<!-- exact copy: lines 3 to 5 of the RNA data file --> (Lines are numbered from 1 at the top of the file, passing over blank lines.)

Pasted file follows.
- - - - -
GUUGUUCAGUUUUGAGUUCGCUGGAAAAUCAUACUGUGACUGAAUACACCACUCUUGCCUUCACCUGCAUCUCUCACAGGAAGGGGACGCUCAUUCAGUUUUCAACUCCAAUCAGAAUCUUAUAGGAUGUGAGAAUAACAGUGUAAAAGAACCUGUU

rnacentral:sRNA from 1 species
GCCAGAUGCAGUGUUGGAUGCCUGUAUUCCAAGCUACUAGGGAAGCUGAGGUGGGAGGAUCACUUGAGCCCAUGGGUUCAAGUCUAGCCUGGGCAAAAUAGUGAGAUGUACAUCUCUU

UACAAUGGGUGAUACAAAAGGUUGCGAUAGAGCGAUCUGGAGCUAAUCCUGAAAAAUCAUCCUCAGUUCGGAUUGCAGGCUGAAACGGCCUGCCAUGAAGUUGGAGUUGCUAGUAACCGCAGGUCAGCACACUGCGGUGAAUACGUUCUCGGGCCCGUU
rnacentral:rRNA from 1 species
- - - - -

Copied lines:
GCCAGAUGCAGUGUUGGAUGCCUGUAUUCCAAGCUACUAGGGAAGCUGAGGUGGGAGGAUCACUUGAGCCCAUGGGUUCAAGUCUAGCCUGGGCAAAAUAGUGAGAUGUACAUCUCUU

UACAAUGGGUGAUACAAAAGGUUGCGAUAGAGCGAUCUGGAGCUAAUCCUGAAAAAUCAUCCUCAGUUCGGAUUGCAGGCUGAAACGGCCUGCCAUGAAGUUGGAGUUGCUAGUAACCGCAGGUCAGCACACUGCGGUGAAUACGUUCUCGGGCCCGUU
rnacentral:rRNA from 1 species